Sara and Robynn at the Oscars

That was exactly what went through my mind. By getting the Oscar nomination it seemed at that moment, that my goal was met, for people to see all of these amazing stories and just know about them. That is what I would have said, had I won. But that’s why I want to do the feature film, to reach a larger audience and keep getting these stories out there.

What is the story you want out there? Considering how much your film(s) evolved, is your message the same?

In the beginning it was about the veterans who were making incredible art and setting such a great example by taking responsibility for their own healing. I shifted from that to showing how maddening the VA process can be. When I met Robynn, my goal was to film her from filling out her claims, to getting her doctor evaluations, hopefully to getting her disability compensation, and finally getting help. I wanted to show how hard that process is. The suicide rate for veterans is 18 suicides per day because the help that is available is not working. When I took it to HBO, my editor kept asking the question, why don’t people care about PTSD? People don’t care because they don’t understand it. It became important to have people empathize. Robynn had to tell it like it is — everything from punching a hole in the wall to talking about flashbacks and being in Iraq. It is a vivid, raw experience for the person watching. I started to realize that this isn’t so much a story as it is a visceral experience.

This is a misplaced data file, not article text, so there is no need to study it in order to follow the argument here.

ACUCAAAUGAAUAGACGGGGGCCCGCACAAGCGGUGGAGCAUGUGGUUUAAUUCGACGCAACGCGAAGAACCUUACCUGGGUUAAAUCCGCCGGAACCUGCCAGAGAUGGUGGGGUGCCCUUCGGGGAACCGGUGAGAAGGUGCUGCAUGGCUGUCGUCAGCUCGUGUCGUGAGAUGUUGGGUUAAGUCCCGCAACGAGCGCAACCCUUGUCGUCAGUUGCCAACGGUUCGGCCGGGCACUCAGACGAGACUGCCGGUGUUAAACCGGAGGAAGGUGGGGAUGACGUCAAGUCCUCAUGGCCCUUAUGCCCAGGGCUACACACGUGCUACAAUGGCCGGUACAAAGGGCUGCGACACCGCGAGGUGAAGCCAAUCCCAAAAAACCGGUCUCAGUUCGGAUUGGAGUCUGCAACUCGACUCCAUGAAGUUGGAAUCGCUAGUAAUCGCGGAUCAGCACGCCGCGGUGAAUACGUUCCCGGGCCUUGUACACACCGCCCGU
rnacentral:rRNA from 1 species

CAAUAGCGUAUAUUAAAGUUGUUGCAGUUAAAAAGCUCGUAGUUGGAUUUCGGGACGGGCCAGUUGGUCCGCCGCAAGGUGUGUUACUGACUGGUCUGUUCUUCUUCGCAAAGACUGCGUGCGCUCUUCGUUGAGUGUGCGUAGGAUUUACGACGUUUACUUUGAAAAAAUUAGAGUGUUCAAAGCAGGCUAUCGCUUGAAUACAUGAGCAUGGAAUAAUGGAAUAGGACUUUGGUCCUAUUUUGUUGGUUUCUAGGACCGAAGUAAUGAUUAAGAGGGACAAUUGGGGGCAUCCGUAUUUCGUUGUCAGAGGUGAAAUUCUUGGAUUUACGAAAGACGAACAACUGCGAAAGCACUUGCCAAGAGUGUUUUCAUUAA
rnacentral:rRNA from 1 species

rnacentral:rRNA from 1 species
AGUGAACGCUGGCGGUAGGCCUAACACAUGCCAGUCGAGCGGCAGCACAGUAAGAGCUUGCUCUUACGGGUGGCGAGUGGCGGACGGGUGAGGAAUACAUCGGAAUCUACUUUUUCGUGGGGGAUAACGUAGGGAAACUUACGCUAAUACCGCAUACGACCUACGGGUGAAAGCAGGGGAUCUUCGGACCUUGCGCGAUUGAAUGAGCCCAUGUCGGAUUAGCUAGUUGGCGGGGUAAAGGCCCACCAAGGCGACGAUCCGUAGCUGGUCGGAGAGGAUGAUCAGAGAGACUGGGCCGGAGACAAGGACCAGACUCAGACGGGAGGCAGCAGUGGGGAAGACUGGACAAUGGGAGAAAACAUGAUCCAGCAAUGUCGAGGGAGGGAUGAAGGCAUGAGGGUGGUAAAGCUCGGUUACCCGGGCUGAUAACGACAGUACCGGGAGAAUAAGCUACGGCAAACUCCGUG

It also seems different coming from a female perspective. I think this is incredibly rare and that resonates.

That was a bonus! I wasn’t setting out to make a film about a female warrior. But she speaks for both genders. It certainly isn’t sex specific.

A focus of the 10 Years and Counting project is to recognize the impact of a decade at war. What do you want people to know about war based on what you have experienced making these films?